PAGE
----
Rosshaupten Dam (Germany) - Foundation Remediation Project

At Forggensee, by area Germany’s largest water reservoir located close to the famous Neuschwanstein Castle, Bauer Spezialtiefbau executed a new sealing element for the Rosshaupten (Forggensee reservoir) Dam.


Neuschwanstein Castle is a palace commissioned by Ludwig II of Bavaria and was never completed but opened to the public in 1886, after a construction period of 17 years and shortly after the “Fairy Tale King” had died. Today, the castle is a touristic hot spot in Germany, even with ongoing restoration works.


About 10 km further north, in 1954, the construction of the Rosshaupten Dam was finished and has created the lake Forggensee, with a total area of 16 km² (172 square feet). The dam structure and reservoir is used for power generation as well as for low water elevation and flood protection for the downstream areas. The area has naturally developed into a popular location for recreation activities.


The dam structure is an approximately 40 m (131 feet) high, (earth-)filled dam with a supporting body of gravel and debris and a centered sealing core, which consists of material having a high cohesive clay content. As part of the modernization, the experts and planners decided to replace the internal sealing of the dam by a 1 m (39.37 inch) thick and 70 m (230 feet) deep diaphragm wall.




BAUER Spezialtiefbau GmbH was awarded the construction of not only the 70 m deep cut-off wall but was also the implementation of a soil stabilization. Percussion drilling and Tube-à-Manchette (TaM) injections were executed to a total 2,100 m (6,890 feet) scope. The data monitored during all drilling works also gave valuable information for the later grab and cutter excavation for the trenching. The data were digitalized and a 3D model was produced step by step for way of real time documentation and visualization using Bauer’s specialist digitization B-project model.

A unique application was the installation of a BAUER Mixed-In-Place (MIP) structural retaining wall aligned either side of the later cut-off wall trench. The MIP was designed as a protection in case of high water loss rates during the excavation which was seen a remaining risk by the Technical Expert Panel.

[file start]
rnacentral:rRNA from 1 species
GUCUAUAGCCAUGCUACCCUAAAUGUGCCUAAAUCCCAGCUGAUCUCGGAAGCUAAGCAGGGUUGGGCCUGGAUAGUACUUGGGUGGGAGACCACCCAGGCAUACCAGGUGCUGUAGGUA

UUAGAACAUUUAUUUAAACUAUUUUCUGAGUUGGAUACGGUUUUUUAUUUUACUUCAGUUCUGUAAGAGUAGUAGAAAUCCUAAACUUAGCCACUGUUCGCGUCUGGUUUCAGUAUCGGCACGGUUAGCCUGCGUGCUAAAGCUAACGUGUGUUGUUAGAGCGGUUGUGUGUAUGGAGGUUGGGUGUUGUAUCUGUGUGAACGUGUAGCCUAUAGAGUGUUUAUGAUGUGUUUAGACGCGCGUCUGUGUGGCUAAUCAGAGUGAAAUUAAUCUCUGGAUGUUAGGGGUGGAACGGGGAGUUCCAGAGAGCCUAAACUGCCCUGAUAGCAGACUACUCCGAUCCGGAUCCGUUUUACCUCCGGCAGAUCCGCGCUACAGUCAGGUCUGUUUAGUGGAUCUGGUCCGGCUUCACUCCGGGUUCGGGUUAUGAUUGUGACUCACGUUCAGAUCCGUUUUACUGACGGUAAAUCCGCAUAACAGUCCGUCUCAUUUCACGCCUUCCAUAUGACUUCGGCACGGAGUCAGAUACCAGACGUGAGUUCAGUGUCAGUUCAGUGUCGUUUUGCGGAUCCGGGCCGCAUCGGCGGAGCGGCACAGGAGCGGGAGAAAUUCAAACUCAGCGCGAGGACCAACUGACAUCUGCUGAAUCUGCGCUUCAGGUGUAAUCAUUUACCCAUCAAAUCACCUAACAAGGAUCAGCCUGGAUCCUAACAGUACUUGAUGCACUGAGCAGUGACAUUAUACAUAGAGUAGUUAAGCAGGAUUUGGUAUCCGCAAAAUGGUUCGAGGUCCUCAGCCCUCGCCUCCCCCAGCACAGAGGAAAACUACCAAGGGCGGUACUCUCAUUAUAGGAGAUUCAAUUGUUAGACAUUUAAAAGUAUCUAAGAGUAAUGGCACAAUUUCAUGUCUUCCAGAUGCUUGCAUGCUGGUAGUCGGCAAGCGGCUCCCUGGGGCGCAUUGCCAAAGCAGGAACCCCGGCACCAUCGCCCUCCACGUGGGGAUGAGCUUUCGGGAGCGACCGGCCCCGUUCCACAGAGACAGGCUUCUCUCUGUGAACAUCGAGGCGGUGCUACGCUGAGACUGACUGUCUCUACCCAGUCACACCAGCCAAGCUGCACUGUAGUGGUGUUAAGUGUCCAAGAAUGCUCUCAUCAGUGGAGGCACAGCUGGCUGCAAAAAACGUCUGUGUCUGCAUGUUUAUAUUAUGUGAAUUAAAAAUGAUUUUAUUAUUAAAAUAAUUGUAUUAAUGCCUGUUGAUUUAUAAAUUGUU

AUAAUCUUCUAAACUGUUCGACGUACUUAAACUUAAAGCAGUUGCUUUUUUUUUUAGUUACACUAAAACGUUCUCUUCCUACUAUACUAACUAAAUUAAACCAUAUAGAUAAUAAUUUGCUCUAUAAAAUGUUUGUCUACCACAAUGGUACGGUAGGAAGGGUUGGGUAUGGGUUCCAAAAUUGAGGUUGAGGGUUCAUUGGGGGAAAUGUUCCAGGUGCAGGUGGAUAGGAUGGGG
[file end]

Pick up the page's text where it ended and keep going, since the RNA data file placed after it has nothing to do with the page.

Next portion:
Description of the executed drilling and grouting works campaign: Sonic drilling of the actual dam body and rock drilling with Wassara drilling method. Sealing of the actual dam clay core with Tube-à-Manchette method and the lower bedrock layer with standard rock injection (combination of descending and ascending injection method); in total 24 numbers of boreholes with a maximum depth of 85 m (279 feet)




The cut-off wall executed with a length of 13,500 m² (145.313 square feet) is proposed to seal the dam. This project posed a particular challenge: the diaphragm wall could only be built from the very narrow 11-meter-wide dam crest. To make things more complicated, the crest was located unfavorably on the side of the dam rather than in the middle. The cut-off wall, which is 1 m (39.37 inch) thick and 70 m deep, includes socketing into very hard rock and was executed in two steps. First, excavation of the upper 40 m of the dam body was carried out with the help of a BAUER hydraulic grab on a BAUER MC 64 duty-cycle crane. The remaining 30 m, beneath the actual dam body, were excavated using a BAUER BC 40 trench cutter on an MC 96 duty-cycle crane. Bauer carried out the construction work for the cut-off wall seven days a week in day and night shifts – in other words 24 hours a day.


Client: Uniper Kraftwerke GmbH

External experts: Prof. (em.) Dr.-Ing. Strobl; Anders Isander (Uniper)

Design: SKI GmbH + Co. KG; Dr.-Ing. F. Kleist; Dr.-Ing H. Wildner

Construction supervision: Inros Lackner

Execution (Main Contractor): BAUER Spezialtiefbau GmbH



  • Inclined exploratory holes including testing: seven (7)


  • Drilling and grouting: 2,100 lm (1,000 lm in rock)


  • Piling works: 550 m (shaft removal)


  • Mixed-in-Place: 3,500 m² (37.674 square feet)


  • Cut-off wall: 13,500 m² (145.313 square feet) in overburden and sound rock



Site Geology


The geology at the site is very difficult. Features like vertical and valley-parallel layers of clay, marl and marl stone with fissures. In the area of the dam the molasse layers are very steep. The molasse below the dam is strongly stratified. The layers often change at intervals of a few centimeters and rarely one layer is several decimeters thick. In parts, voids / fissures of the strata are filled with coal. The fresh rock at the dam shows compressive strengths up to 85 MPa (12.328 psi).



The works were executed by utilizing the following equipment:


  • Drilling & Grouting: KLEMM drill rig KR 606, mixing plant, grout container, grout pumps


  • Shaft removal: BAUER BG 46 including coring equipment


  • Mixed-in-Place: Base carrier RG 25 with three (3) KDK 70 and triple auger MIP 550 equipment, mixing plant


  • Cut-off wall: BAUER MC 64 duty-cycle crane with BAUER hydraulic grab and BAUER BC 40 trench cutter on an MC 96 duty-cycle crane, mixing and desanding plant